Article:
3. in the circumstances, a reasonable person in the person's position would have taken those precautions.
  1. In determining whether a reasonable person would have taken precautions against a risk of harm, the court is to consider the following (amongst other relevant things):
    1. the probability that the harm would occur if care were not taken;
    2. the likely seriousness of the harm;
    3. the burden of taking precautions to avoid the risk of harm;
    4. the social utility of the activity that creates the risk of harm."

The court gave considerable attention to s 5B(1)(c) namely whether a reasonable person in the defendant's position would have taken those precautions.

In considering whether a reasonable person in the host employer's position would have taken precautions against the risk of slipping or tripping, the court looked at the "system" of communication between the plaintiff and his workmate and its adequacy. In addition, it looked at whether there were any unusual or unexpected risks related to the furniture removal task. The court found that there were no unusual or unexpected risks related to the task of moving the cabinet up the staircase and thus no need for instruction. The staircase was found to be an ordinary staircase, with no suggestion that the stairs presented any special or unusual risk of tripping or slipping. Furthermore, the court found that the activity of moving furniture is a familiar one which most adults would have engaged in the domestic setting.

In doing so, the court relied on the judgment of Macfarlan JA in Seage v State of New South Wales 3 when looking at tasks which could be described as "a commonplace activity likely to be encountered, just as frequently, if not more frequently, in the course of ordinary domestic life than in the workplace".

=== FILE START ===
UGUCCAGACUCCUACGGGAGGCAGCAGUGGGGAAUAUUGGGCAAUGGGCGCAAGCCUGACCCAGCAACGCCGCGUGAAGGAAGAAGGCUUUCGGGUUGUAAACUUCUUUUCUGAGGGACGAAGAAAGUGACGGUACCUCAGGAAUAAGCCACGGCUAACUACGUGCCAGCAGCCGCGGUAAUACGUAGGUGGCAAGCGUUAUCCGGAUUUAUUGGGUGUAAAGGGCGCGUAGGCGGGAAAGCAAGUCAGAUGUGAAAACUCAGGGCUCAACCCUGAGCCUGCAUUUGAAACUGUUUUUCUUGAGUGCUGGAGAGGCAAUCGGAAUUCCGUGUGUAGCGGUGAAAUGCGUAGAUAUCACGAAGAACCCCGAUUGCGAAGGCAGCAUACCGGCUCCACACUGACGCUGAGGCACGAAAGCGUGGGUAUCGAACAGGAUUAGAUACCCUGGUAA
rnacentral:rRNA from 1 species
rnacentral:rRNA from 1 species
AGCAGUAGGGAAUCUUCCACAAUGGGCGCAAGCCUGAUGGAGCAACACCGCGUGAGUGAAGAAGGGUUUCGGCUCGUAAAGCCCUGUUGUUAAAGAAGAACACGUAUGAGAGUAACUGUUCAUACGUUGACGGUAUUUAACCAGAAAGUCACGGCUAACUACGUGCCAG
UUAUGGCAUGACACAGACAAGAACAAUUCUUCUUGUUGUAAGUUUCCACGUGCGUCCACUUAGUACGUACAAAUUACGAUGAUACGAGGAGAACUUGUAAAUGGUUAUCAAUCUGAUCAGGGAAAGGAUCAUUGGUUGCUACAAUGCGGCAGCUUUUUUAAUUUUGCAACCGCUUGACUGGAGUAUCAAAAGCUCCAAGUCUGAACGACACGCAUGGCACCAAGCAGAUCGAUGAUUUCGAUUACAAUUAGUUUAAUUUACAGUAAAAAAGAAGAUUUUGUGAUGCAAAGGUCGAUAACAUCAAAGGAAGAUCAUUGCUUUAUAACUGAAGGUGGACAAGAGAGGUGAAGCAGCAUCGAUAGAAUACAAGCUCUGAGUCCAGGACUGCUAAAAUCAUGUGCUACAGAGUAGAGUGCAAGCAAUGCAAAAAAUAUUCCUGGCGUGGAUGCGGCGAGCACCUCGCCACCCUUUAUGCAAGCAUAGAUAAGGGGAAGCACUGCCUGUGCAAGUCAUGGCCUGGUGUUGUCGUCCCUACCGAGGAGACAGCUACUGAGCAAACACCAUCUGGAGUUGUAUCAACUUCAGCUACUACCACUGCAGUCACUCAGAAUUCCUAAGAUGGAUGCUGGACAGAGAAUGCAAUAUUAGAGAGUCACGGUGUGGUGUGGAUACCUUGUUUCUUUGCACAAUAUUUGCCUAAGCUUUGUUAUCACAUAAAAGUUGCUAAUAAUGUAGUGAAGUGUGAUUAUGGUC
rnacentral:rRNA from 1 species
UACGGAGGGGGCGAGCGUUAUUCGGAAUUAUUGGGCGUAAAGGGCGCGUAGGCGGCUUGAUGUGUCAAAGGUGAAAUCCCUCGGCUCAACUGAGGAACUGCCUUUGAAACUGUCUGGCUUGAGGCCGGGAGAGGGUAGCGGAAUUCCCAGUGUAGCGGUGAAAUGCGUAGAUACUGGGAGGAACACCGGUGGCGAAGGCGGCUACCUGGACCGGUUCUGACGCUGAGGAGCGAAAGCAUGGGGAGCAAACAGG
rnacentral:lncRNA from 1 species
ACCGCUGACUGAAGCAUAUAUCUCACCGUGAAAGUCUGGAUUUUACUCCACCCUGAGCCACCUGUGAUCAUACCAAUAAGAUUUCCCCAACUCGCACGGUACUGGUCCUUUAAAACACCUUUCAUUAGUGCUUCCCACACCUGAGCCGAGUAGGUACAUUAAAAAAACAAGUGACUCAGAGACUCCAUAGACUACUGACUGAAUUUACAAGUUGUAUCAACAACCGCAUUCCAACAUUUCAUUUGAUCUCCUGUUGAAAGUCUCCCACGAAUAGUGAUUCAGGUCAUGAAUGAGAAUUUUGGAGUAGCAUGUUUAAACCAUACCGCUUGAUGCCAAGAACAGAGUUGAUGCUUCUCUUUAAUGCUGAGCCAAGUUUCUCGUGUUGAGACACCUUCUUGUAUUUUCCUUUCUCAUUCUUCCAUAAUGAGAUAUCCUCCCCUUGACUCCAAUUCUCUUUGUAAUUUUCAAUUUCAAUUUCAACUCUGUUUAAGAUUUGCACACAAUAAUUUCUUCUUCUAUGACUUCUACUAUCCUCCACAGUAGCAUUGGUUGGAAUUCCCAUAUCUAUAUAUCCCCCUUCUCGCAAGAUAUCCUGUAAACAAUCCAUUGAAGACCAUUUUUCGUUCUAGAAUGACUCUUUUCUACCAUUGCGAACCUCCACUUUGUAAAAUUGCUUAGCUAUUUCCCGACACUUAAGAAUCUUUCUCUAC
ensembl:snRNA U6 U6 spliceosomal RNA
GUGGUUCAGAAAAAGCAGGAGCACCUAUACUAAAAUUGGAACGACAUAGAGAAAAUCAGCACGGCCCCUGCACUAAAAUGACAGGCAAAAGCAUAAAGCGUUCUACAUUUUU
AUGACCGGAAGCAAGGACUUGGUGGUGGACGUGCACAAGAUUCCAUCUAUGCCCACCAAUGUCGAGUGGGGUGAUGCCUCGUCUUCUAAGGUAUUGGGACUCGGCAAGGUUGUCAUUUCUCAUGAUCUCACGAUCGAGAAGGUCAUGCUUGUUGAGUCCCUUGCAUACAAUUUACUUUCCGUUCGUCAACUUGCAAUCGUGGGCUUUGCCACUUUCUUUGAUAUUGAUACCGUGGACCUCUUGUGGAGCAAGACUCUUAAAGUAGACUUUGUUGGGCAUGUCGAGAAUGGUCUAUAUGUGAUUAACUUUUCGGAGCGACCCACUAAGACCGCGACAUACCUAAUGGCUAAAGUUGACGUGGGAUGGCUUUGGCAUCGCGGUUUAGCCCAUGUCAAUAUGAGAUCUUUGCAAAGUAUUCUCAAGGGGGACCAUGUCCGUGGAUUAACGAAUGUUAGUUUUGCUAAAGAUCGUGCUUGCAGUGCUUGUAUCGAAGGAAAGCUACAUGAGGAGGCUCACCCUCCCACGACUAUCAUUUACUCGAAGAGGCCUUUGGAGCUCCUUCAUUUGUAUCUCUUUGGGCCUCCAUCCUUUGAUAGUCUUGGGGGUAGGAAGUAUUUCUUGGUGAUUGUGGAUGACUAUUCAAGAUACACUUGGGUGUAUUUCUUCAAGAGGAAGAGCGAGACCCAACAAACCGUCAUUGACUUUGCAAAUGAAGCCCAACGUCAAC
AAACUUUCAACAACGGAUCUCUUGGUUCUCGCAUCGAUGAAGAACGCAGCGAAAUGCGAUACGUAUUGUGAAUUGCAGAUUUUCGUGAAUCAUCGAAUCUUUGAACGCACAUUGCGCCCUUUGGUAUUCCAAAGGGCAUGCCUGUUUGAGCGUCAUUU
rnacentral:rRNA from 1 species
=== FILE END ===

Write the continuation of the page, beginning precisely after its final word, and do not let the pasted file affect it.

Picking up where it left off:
The court agreed with Macfarlan JA when he said that it would be a large step to oblige employers to warn of everyday activities which, if not performed with care, might lead to injury. In other words, it was regarded as quite unnecessary to give warnings in relation to commonplace activities. Moving furniture fell into the category of a commonplace, ordinary activity in the court's view.

The court found that the real question to be answered was whether it was unreasonable to ask the plaintiff and his work colleagues to do the furniture removal, but that there was no direct evidence on this point. In the circumstances, the court found that it was not established by the plaintiff that there were any precautions that, in terms of s 5B of the Act, a reasonable person in the host employer's position would have taken against the risk of harm to which the plaintiff succumbed. A similar process of reasoning was adopted in relation to Workpac. Accordingly, the appeal was allowed and there was a verdict and judgment in favour of the defendants.


Employers should not be found liable in negligence for a failure to give instruction as to how to carry out an ordinary everyday activity. A common sense test should be applied.

Structure has been provided by the Court of Appeal around how to determine the third prong of the steps for consideration when determining if a person is not negligent in failing to take precautions against a risk of harm (s 5B(1)(c) of the Act). The threshold question is whether there were any precautions a reasonable person in the defendant's position would have taken against the risk of harm to the injured party looking at the issue prospectively.

The cause of the accident must be accurately identified in order to properly consider whether or not the duty has been breached.


1 McColl, Basten and Barratt JJA

2 [2011] NSWSC 749

3 [2008] NSWCA 328